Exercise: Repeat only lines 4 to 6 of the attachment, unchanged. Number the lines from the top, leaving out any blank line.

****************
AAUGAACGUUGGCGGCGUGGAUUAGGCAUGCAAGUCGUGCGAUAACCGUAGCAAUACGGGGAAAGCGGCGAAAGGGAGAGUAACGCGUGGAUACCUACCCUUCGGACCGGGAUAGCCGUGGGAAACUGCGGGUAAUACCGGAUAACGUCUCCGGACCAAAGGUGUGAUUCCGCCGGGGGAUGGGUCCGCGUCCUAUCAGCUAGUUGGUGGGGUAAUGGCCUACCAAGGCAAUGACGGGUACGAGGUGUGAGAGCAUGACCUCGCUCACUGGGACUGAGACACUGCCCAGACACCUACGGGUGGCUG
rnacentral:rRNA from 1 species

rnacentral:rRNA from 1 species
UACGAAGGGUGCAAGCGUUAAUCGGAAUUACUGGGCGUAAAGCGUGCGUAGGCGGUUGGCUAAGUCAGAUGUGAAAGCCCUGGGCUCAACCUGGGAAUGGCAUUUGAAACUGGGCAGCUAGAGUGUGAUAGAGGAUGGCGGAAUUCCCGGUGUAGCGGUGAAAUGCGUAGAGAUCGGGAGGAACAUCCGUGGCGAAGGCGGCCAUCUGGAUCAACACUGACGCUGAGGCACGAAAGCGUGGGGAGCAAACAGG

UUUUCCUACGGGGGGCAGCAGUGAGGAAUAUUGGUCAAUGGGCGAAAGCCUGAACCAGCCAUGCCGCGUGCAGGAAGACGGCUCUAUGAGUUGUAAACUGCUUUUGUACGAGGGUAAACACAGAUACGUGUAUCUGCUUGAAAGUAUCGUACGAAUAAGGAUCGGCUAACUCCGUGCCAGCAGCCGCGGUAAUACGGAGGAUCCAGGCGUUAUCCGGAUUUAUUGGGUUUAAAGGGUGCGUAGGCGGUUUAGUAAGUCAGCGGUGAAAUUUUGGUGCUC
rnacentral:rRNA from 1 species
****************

UACGAAGGGUGCAAGCGUUAAUCGGAAUUACUGGGCGUAAAGCGUGCGUAGGCGGUUGGCUAAGUCAGAUGUGAAAGCCCUGGGCUCAACCUGGGAAUGGCAUUUGAAACUGGGCAGCUAGAGUGUGAUAGAGGAUGGCGGAAUUCCCGGUGUAGCGGUGAAAUGCGUAGAGAUCGGGAGGAACAUCCGUGGCGAAGGCGGCCAUCUGGAUCAACACUGACGCUGAGGCACGAAAGCGUGGGGAGCAAACAGG

UUUUCCUACGGGGGGCAGCAGUGAGGAAUAUUGGUCAAUGGGCGAAAGCCUGAACCAGCCAUGCCGCGUGCAGGAAGACGGCUCUAUGAGUUGUAAACUGCUUUUGUACGAGGGUAAACACAGAUACGUGUAUCUGCUUGAAAGUAUCGUACGAAUAAGGAUCGGCUAACUCCGUGCCAGCAGCCGCGGUAAUACGGAGGAUCCAGGCGUUAUCCGGAUUUAUUGGGUUUAAAGGGUGCGUAGGCGGUUUAGUAAGUCAGCGGUGAAAUUUUGGUGCUC
rnacentral:rRNA from 1 species